Soon after someone from The Whitlams’ management team contacted me, reprimanding me. Apparently, the addition of my name to the video had messed up the algorithms and was threatening to deplete the impact of their social media campaign. "It's about the PERFORMANCE, Greta, not the song”,  "We can't credit you as a co-writer because then the post would be too long”, “If we credit you, then we’ll have to credit ALL of Tim’s co-writers on all the posts” and other stuff I can't bear repeating. To be clear: I’m the primary songwriter of “Charlie #3” and “Blow Up the Pokies”. I wrote all of the music and Tim and I shared lyric-writing. 

After so many years, it's not about sitting on the side, quietly collecting the royalties (although every bit helps!) or knowing my own heart that it’s my song reaching the world. It’s about recognition. And more recognition for female songwriters and composers, generally. I continue on in a very male-dominated industry, when statistically people of my gender-plus-age combo generally aren't granted much attention. Let alone as mothers of small children and during a pandemic. 

There is a familiar cacophony of voices that pop into my head when I voice all these types of thoughts. (“No one likes a whiner.” “This is such a privileged rant. So many people are worse off than you”, “Just be quiet. No one likes an angry woman”, “You just aren’t good enough” “Not pretty enough”, “Not enouuuuuuuugh” (insert long reverb and delay here, with added strings).  

Members of the music business need to understand and celebrate the fact that the creation of a successful album takes a huge, team effort. It is not just the “performance” or the “performer” who deserve acknowledgment for their work. And they certainly should not be silenced. It is time to put to rest the music business trope of the “genius performer” at the center of it all.  It trickles down to erode the lives of others who put so much of their lives into this collective work. And there need to be more women and non-binary people running the music business. More people who understand how it feels to be stretched from left boobie to right middle finger.    

I am lucky and grateful to have the love and support of my husband and creative partner, my collaborators and artist friends all over the world - all of whom understand the path and predicaments of being an independent singer-songwriter in the music biz these days.  

The world of musical theater has recently offered me more chances to write music, and I'm excited to explore my compositional voice and to contribute to a vast array of projects. There are clear practices in place for crediting all collaborators on these projects, and the theatre world (although I’m not pretending it’s perfect) generally strives to be as inclusive as possible. I’m also thankful to have recently secured a theatrical agent, which makes a world of difference in navigating contracts, and allowing me to focus on and find more work, which is all I want.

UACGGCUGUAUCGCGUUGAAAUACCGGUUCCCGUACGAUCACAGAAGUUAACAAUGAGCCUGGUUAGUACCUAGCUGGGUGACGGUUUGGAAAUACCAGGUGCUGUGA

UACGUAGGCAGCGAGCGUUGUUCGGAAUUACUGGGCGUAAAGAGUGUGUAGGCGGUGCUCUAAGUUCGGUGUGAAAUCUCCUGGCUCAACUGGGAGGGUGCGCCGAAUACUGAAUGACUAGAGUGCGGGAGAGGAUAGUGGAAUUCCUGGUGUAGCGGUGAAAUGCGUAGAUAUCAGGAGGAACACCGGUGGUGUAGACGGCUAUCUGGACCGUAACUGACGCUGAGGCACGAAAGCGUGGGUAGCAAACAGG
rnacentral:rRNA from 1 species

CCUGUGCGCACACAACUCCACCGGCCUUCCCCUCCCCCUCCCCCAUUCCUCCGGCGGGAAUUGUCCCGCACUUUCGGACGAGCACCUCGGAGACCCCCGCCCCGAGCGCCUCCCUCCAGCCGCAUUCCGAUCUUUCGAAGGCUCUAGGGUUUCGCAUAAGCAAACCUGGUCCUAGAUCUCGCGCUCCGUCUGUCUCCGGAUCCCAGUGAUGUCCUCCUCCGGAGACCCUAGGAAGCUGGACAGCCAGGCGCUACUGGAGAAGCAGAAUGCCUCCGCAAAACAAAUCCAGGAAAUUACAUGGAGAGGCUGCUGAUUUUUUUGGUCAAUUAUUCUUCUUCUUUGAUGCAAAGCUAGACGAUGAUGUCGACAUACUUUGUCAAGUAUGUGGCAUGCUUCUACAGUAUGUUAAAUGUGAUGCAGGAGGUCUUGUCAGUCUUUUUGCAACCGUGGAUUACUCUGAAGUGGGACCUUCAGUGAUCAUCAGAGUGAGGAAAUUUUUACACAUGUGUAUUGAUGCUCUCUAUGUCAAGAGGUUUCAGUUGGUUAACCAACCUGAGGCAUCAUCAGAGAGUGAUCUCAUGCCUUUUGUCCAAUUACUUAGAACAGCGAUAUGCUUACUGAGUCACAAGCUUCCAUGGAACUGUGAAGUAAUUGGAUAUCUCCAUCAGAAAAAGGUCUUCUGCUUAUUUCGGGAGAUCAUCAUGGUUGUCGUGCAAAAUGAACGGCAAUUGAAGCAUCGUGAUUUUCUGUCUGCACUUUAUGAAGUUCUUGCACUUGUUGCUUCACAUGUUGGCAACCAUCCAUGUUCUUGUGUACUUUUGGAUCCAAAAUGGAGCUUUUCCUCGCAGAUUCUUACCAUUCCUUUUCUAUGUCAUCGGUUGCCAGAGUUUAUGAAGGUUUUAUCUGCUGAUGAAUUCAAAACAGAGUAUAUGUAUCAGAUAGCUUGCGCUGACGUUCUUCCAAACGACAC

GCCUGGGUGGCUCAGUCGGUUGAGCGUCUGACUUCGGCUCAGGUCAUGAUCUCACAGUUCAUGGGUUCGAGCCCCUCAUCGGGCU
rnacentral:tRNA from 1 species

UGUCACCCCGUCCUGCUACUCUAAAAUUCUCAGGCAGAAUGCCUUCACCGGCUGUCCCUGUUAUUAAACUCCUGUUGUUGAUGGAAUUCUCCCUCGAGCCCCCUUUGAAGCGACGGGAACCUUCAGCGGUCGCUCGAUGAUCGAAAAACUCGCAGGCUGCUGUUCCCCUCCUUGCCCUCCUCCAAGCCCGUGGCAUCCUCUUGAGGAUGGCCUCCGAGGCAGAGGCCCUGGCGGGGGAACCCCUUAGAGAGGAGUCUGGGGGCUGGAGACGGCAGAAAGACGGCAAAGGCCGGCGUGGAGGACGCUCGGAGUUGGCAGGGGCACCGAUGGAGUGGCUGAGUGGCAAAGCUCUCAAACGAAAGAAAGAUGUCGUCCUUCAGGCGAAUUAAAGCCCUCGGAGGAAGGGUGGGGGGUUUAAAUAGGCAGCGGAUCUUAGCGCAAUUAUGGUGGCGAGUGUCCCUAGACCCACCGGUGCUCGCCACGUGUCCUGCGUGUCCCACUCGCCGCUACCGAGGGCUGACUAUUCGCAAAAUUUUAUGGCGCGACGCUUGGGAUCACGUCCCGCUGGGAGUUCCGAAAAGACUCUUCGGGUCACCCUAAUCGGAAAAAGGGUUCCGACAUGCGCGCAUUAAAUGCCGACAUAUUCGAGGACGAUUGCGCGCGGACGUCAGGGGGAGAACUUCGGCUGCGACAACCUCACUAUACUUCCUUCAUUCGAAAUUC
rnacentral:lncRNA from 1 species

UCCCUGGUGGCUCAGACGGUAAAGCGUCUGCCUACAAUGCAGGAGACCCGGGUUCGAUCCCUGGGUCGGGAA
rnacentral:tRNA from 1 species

I credit Tim Freedman for being a great, charismatic performer who has worked hard for many years to build the audience he has. I will always cherish the live music of Australia in the ‘90s and how much it inspired me. I’m not diminishing the importance of performers. But it takes a village.  

As the majority songwriter of "Charlie #3", if it is only the performance and not the song itself that is celebrated, I am rendered invisible. How might I be able to feel like I am still a part of this anniversary, this album, this song? It reached a lot of people. It meant a lot to me. It is just a 4 minute pop song, but I put a part of my life and my being into it.  What rewards am I entitled to want or expect?  

It seems perhaps my contributions of music, lyrics and backing vocals to ‘Eternal Nightcap’ will be eternally ignored by The Whitlams, their fans and the music business. I won't be included in these celebrations. And, honestly, it hurts. The music business is difficult and it can sometimes even kill. We don’t always come back (and back and back and back).  But I’m still immensely proud of this song.  

"Charlie # 3"

Music by Greta Gertler Gold. Words by Tim Freedman and Greta Gertler Gold.  

He'll need some time to get over this 

But a moment is all he can spare 

His buddies out there in the city lights 

And he is trying to care 

See him offering himself to the world 

Staring down from the fifty-sixth floor 

I’d be happy just to catch him again 

We go out  

We don't always come back 

The night pressing in on his weary mind 

There's a half-eaten moon in the sky 

Nothing is calling him back to bed 

And no-one is saying goodbye 

See him offering himself to the world 

Staring down from the fifty-sixth floor 

Yeah, I’d be happy just to catch him again 

We go out because we go back 

And back and back. 

Meanwhile in Brooklyn, my six year old daughter has been attending a full-time theater camp in Prospect Park for the past three weeks. I’ve been in awe of her as she navigates a new country, new home, meeting and interacting only with a brand new group of people most days. She’s been part of three huge, group performances of all the kids and teaching artists at the camp so far,  including a musical adaptation of ‘Romeo and Juliet’, a puppet show called ‘Summit of Endangered Species’ and a jukebox musical of songs by Women in Rock. 

Back home, she recruits her little brother for an original, musical shadow-puppet performance in the living room of our new rental apartment. When it finishes, she instructs her little brother: “First you take a bow. Then I take a bow. Then we point to the band and other people who worked on the show, and they take a bow. Then we all bow together.” We applaud wildly.